Monitoring the Socio-Economic Effects of COVID-19 on Mauritian Households – December 2020


Following lockdown measures introduced by the Government on 20 March 2020, the face-to-face data collection for the Continuous Multi-Purpose Household Survey (CMPHS) had to be stopped and replaced by a telephone survey.  The most important data items of the normal CMPHS and some additional information that would allow an impact analysis of the socio-economic effects of COVID-19 on the lives of Mauritian households are being collected through the telephone survey.
Highlights – December 2020
Total employment increased from 510,200 in October 2020 to 523,700 in December 2020, that is, an increase of 13,500.
The number of unemployed increased by 300 from 60,700 in October to 61,000 in December.
The unemployment rate (based on a labor force comprising individuals aged 16-64 years and not in full time education) is estimated at 10.4 percent in December compared to 10.6 percent in October.
In December, the number of inactives was estimated to be 188,000 compared to 202,000 in October; a decrease of 14,000.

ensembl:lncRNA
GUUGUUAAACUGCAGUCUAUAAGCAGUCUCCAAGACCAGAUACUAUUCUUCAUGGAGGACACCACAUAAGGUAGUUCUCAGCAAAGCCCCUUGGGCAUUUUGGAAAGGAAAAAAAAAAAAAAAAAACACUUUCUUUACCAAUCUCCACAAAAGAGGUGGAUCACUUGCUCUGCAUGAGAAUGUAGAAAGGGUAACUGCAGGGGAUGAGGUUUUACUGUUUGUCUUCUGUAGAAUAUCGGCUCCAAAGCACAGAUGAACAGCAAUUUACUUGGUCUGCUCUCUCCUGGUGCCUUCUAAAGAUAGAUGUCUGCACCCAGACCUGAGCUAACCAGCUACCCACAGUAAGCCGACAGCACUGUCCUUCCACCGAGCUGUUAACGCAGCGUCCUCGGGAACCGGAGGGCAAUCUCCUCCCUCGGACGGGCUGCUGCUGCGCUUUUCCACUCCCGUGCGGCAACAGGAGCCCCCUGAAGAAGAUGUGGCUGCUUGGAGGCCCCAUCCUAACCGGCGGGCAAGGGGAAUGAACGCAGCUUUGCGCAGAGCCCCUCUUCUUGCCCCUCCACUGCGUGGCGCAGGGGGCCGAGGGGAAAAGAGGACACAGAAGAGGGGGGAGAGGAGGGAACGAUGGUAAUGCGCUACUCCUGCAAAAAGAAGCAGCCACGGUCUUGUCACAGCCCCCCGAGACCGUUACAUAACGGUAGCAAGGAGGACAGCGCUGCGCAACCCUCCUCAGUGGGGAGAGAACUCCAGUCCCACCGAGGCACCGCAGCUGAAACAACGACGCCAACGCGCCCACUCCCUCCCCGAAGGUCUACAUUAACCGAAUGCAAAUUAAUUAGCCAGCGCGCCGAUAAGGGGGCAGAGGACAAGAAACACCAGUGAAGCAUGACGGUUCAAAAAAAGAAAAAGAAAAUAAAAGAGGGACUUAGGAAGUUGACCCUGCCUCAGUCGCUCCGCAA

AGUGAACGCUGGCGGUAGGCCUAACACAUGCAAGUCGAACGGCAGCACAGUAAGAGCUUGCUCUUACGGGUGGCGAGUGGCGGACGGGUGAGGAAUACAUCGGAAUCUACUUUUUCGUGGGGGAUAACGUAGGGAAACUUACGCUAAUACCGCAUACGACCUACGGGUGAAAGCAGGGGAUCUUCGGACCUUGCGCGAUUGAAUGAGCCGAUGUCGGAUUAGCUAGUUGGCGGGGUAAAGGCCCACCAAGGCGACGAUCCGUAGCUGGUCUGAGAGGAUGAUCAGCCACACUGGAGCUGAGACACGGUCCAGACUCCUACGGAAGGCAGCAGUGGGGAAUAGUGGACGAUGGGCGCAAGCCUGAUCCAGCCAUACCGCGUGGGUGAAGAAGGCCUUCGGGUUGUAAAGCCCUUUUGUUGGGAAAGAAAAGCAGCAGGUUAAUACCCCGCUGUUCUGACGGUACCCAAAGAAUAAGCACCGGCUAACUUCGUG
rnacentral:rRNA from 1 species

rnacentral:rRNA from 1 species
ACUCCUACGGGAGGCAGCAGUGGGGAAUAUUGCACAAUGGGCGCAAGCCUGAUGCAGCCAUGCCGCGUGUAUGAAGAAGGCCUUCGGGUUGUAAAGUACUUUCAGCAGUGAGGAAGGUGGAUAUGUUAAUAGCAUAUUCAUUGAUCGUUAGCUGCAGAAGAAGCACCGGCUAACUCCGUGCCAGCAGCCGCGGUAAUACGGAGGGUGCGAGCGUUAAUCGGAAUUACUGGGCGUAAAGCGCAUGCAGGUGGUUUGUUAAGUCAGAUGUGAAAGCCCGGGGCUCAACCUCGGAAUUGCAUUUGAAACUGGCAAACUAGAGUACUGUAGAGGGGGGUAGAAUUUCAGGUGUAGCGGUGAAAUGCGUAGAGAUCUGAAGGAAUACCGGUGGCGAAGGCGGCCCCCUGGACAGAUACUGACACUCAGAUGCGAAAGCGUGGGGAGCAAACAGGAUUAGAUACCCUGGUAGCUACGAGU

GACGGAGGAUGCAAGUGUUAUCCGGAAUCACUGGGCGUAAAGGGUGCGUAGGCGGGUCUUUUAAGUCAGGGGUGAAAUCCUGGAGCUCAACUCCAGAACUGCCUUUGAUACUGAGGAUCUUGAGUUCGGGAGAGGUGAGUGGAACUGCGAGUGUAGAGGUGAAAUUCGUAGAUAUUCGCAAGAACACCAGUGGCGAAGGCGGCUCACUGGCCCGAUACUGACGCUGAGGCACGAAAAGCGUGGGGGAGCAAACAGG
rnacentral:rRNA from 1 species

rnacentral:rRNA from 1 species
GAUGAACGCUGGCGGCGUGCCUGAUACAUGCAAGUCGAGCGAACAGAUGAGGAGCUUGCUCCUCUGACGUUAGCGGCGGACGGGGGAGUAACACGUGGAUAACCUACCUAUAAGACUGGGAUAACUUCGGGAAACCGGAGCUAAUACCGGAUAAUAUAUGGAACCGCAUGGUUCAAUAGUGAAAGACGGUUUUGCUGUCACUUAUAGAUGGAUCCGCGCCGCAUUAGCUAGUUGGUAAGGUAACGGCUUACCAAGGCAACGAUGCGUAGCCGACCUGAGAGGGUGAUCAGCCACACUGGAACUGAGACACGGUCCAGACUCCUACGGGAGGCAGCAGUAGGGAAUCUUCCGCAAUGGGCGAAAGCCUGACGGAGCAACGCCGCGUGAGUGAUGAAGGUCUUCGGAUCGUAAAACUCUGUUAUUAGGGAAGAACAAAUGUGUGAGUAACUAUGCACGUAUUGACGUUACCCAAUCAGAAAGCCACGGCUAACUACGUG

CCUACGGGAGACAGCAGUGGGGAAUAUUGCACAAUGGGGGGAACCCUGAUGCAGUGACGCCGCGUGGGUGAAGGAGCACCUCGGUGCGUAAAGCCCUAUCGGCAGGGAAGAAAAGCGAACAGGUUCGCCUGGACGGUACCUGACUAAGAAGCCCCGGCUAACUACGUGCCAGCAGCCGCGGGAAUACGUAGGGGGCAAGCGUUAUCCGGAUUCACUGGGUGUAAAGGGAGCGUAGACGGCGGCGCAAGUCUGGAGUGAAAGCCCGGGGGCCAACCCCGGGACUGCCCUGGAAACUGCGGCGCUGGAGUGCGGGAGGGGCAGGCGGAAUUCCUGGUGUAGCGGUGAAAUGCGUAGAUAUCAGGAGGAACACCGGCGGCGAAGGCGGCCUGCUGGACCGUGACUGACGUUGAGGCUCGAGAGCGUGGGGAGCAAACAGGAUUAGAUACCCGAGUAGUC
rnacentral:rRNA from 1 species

Compared to income prior to lockdown of 20 March 2020, around 69 percent of self-employed/employers reported a decline in their business income in December 2020. Among employees, around 20 percent reported a decrease in income in December 2020. 
About 76 percent of households reported having difficulty to meet their household expenses with their current monthly income in December 2020; slightly higher than in October (75 percent). 
In December 2020, about 29 percent of households had difficulty in the payment of their electricity bills on time due to financial constraints compared to 33 percent in October.
Households who had problems to pay their water bills was estimated at 20 percent in December compared to 23 percent in October.
Around 29 percent of households surveyed in December and 30 percent of those surveyed in October reported a reduction in their income prior to the pandemic.
The households who have been affected by a shock as a consequence of the pandemic rose from 40 percent in October to 46 percent in December. The shocks more commonly reported were reduction in salary/income from business and job loss.​



31 March 2021